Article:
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Citation Success Over Time: Theory or Empirics?

  • David W Johnston

    (Monash)

  • Marco Piatti

    ()

    (QUT)

  • Benno Torgler

    ()

    (QUT)

This study investigates the citation patterns of theoretical and empirical papers over a period of almost 30 years, while also exploring the determinants of citation success. The results indicate that empirical papers attract more citation success than theoretical studies. However, the pattern over time is very similar with yearly mean citations peaking after around 4 years. Moreover, among empirical papers it appears that the cross-country studies are more successful than single country studies focusing on North America data or other regions.

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File URL: http://external-apps.qut.edu.au/business/documents/discussionPapers/2012/WP284.pdf
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Paper provided by School of Economics and Finance, Queensland University of Technology in its series School of Economics and Finance Discussion Papers and Working Papers Series with number 284.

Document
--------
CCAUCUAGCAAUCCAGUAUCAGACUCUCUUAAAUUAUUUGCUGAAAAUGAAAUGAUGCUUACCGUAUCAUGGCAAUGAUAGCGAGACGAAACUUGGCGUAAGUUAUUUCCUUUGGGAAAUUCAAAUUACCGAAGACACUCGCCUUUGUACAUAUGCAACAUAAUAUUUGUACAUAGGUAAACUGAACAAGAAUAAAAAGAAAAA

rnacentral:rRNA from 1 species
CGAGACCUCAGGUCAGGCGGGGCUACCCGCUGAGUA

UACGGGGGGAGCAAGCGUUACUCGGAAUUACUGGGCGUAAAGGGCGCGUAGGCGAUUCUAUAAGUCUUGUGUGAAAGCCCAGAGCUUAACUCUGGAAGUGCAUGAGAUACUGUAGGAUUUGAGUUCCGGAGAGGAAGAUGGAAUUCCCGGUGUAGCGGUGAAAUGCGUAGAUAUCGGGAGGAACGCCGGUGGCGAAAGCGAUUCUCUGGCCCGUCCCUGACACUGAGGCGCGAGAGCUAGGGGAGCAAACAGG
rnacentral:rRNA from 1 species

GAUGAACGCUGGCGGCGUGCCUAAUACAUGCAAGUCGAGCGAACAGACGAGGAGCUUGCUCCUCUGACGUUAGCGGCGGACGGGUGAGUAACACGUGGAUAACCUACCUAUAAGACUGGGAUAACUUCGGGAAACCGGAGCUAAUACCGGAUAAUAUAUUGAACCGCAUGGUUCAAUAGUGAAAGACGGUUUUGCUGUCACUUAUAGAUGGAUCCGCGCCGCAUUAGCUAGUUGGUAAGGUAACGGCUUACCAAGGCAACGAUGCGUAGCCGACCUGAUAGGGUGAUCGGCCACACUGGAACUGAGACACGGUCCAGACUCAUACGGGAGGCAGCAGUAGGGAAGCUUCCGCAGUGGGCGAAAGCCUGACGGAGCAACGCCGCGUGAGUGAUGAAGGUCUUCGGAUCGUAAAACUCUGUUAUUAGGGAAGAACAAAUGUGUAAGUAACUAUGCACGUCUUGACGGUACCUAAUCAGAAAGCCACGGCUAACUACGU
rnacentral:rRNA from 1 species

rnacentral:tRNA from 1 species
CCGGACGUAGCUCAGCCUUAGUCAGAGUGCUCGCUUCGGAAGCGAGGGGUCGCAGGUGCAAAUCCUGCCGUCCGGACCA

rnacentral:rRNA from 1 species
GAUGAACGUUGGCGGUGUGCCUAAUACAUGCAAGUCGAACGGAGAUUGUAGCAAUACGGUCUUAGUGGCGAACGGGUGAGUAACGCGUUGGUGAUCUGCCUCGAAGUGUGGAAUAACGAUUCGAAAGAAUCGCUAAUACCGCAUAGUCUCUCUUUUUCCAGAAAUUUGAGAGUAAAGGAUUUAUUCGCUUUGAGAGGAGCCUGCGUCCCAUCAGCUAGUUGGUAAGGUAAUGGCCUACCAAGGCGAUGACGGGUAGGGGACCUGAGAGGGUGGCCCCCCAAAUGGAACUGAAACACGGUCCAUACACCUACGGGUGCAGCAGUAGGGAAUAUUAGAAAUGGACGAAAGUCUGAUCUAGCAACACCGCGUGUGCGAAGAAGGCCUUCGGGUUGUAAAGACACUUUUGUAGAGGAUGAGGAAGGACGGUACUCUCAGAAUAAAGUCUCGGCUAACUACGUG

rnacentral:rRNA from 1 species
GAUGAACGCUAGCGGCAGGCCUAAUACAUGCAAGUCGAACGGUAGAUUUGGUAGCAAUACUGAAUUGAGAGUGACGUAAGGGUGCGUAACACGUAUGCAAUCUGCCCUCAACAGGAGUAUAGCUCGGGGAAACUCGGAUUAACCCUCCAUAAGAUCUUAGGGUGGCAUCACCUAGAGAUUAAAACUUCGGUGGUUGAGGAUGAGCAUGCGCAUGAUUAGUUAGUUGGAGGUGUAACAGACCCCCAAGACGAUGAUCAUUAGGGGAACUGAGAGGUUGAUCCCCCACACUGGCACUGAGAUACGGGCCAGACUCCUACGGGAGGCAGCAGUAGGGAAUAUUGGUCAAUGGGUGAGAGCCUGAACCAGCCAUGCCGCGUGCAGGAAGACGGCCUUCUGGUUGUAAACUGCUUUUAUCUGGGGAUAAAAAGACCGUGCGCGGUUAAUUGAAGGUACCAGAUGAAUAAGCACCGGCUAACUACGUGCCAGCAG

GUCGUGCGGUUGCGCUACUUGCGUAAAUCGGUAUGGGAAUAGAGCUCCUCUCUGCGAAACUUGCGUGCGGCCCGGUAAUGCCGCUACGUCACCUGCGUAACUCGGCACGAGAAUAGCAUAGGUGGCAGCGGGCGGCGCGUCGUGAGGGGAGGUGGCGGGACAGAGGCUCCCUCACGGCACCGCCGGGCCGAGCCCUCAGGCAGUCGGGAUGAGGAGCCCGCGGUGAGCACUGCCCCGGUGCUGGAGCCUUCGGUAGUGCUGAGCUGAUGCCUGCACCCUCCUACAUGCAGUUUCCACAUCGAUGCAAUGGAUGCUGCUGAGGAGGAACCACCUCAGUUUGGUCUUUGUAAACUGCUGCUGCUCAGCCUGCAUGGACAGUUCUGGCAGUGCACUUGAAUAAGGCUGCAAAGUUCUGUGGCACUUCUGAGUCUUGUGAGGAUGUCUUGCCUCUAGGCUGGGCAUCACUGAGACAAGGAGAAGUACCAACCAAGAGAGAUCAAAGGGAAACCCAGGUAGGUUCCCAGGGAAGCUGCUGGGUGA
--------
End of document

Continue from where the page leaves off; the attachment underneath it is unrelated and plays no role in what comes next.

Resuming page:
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Length: 8 pages
Date of creation: 04 Jun 2012
Date of revision:
Handle: RePEc:qut:dpaper:284
Contact details of provider: Postal: GPO Box 2434, BRISBANE QLD 4001
Web page: http://www.bus.qut.edu.au/faculty/economics/Email:


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  1. AMIR, Rabah & KNAUFF, Malgorzata, 2005. "Ranking economics departments worldwide on the basis of PhD placement," CORE Discussion Papers 2005051, Université catholique de Louvain, Center for Operations Research and Econometrics (CORE).
  2. Blair, Dudley W & Cottle, Rex L & Wallace, Myles S, 1986. "Faculty Ratings of Major Economics Departments by Citations: An Extension," American Economic Review, American Economic Association, vol. 76(1), pages 264-67, March.
  3. Davis, Paul & Papanek, Gustav F, 1984. "Faculty Ratings of Major Economics Departments by Citations," American Economic Review, American Economic Association, vol. 74(1), pages 225-30, March.
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